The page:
How to Train a Dog Use a Crate

Train the dog using a crate

Crate training is a technique of house training your dog. The crate is usually used to hold your dog when you are committed and not able to supervise it. There are a few reasons why you might decide to crate train your dog. Your dog may have started to be destructive and you have to travel. The crate will come in handy.

 Getting your dog in a crate is a better way to stop it from getting into a bad habit and gives it a safe sanctuary. Unfortunately, if this training is not done well, it can cause harm to your dog. Here is how you can train your dog to use a crate.

1. Select the Best Crate

First, before you decide to train your dog, you should look for the best dog crates for training your dog. There are different forms of cages available such as plastic carrier, nylon crate, and wire cage.

Remember to get a cage that has proper ventilation, large enough where your dog can stand, turn around, and lie down. It is advisable to get a crate suitable for your dog’s full-grown size.

2. Come Up With a Command

While crate training your dog, you will need to use a phrase or word to let your dog know that it is time to get into the crate. “Kennel up” or “kennel” are the words that are used by trainers. You can choose any word that you like. Just ensure that it sounds different from your dog’s name and remain consistent with the word you wish.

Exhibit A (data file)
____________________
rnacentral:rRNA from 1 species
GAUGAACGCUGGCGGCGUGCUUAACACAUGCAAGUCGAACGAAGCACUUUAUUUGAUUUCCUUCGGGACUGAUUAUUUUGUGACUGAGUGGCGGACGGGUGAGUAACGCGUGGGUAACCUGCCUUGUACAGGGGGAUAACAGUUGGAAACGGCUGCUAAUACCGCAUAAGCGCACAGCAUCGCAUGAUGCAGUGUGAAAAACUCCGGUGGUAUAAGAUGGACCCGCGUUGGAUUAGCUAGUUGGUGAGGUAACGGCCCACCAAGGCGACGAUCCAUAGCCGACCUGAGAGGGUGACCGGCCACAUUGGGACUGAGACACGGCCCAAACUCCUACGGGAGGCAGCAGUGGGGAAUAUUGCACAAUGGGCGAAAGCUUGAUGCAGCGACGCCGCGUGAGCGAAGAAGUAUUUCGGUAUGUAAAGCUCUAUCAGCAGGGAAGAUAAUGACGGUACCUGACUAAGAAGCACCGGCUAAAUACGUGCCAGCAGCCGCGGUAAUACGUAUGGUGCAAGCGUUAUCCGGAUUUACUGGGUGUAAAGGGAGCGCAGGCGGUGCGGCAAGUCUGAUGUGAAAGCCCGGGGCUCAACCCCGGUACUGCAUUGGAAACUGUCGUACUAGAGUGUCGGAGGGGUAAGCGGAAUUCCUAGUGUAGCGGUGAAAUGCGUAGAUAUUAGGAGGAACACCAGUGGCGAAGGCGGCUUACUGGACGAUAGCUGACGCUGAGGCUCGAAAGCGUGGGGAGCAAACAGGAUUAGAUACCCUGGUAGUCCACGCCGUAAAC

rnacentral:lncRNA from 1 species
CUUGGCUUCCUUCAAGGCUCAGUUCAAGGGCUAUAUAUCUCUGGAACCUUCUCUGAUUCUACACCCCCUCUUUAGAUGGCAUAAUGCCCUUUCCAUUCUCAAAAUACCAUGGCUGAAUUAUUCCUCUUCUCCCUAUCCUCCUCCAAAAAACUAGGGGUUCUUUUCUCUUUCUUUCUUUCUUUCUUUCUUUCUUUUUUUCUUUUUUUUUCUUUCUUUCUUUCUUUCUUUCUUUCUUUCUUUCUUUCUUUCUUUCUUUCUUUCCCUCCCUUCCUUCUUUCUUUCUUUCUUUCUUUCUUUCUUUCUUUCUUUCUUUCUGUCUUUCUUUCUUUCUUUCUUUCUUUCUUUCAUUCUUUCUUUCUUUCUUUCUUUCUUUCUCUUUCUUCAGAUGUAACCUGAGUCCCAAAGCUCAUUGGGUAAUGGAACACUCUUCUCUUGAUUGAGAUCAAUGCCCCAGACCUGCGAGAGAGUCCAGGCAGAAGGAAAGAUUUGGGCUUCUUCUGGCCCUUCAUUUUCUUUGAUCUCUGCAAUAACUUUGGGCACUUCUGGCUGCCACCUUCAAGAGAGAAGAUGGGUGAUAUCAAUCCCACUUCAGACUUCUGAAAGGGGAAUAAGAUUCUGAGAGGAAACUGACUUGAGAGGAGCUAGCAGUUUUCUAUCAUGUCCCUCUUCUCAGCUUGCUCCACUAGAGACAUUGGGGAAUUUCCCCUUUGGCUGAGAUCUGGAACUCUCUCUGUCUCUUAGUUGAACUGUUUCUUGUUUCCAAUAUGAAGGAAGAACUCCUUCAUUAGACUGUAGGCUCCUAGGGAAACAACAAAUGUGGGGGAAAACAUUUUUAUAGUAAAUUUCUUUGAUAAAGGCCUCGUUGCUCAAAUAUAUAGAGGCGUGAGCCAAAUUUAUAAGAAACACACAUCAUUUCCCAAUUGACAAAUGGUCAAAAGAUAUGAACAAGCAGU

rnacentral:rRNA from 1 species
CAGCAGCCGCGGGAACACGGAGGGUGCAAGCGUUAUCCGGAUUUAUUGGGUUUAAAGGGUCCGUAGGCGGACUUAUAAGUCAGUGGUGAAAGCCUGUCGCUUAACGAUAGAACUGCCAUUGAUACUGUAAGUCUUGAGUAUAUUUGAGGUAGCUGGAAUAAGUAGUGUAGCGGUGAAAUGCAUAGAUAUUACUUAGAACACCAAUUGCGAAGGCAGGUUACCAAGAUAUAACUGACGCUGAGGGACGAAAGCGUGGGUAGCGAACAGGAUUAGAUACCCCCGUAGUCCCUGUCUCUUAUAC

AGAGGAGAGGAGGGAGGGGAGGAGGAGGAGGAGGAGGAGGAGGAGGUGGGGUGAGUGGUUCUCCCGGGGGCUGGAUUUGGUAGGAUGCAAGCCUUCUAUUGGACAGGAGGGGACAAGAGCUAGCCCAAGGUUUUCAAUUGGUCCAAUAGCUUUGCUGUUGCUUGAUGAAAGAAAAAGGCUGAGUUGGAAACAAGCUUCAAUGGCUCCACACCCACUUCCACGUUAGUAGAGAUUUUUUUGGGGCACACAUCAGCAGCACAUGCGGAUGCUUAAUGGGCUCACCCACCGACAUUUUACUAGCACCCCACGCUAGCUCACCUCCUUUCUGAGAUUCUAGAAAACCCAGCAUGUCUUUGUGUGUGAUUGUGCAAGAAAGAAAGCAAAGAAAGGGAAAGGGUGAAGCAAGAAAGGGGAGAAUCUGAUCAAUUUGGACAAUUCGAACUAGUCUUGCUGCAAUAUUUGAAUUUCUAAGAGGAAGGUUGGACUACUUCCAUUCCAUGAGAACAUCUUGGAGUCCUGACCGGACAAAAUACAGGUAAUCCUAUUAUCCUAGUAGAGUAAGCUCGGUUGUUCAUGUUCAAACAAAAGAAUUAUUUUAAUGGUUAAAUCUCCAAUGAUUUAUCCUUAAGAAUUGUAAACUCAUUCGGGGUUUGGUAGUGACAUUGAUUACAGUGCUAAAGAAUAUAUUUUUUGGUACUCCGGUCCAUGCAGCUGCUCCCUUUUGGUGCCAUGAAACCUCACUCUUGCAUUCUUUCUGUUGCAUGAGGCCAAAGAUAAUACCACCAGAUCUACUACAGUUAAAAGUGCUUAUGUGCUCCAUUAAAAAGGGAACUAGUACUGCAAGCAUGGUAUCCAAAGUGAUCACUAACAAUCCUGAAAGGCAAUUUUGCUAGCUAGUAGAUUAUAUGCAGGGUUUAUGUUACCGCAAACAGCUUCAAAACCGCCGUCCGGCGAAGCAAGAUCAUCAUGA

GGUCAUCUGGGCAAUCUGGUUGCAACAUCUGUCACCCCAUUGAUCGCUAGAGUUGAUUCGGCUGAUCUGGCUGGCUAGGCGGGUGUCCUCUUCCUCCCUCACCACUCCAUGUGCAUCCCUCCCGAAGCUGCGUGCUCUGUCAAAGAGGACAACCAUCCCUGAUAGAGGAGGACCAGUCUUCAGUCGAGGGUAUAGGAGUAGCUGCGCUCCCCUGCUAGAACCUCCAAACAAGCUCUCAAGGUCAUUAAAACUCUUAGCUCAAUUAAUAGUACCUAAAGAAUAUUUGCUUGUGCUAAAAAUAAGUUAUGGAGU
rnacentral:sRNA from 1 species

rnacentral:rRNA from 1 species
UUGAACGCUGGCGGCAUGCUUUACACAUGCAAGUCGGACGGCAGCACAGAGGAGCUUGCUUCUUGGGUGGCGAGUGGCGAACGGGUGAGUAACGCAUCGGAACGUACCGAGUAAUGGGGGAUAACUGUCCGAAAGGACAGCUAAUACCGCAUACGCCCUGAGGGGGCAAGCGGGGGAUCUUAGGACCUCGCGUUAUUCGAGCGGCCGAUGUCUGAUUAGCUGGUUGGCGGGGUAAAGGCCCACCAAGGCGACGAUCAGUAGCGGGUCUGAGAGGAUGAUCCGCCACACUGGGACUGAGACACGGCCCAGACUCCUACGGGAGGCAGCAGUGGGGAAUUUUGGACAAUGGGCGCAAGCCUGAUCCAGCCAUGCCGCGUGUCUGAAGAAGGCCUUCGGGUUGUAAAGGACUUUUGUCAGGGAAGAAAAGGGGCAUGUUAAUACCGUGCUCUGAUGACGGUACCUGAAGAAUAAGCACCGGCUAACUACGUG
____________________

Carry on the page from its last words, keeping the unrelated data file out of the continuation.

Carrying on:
3. Make the Crate Comfortable

In crate training, it is essential to ensure that your dog associates crate with an excellent experience. You can place toys and put a blanket to make it comfortable. Put some treats in the crate. Let the dog get in the container on its own without forcing it.

When it gets in, praise it and give it a treat. Do not lock the door until the dog is more comfortable. Let it wander in and out on its own.

4. Close the Door

Crate training aim is to be able to close the door, and your dog remains quiet. If your dog seems comfortable being in the open crate, please give it some treats, and while it is preoccupied, close the door.

You can start this with intervals of five minutes and ensure that you are nearby. You can then increase ranges and leave the room so that it can realize it is safe when you are not there with it. Keep on repeating this, and your dog will eventually come to accept the crate willingly.

5. Stop With the Treats

After some time, you can stop throwing treats in the crate but keep on using the command word. The first few times, you might pretend you are throwing toys by moving your hands. When it gets in, praise it and give it some treats.

After a few sessions, your dog should get into the crate on its own or using the cue word. By this time, treats will not be necessary.

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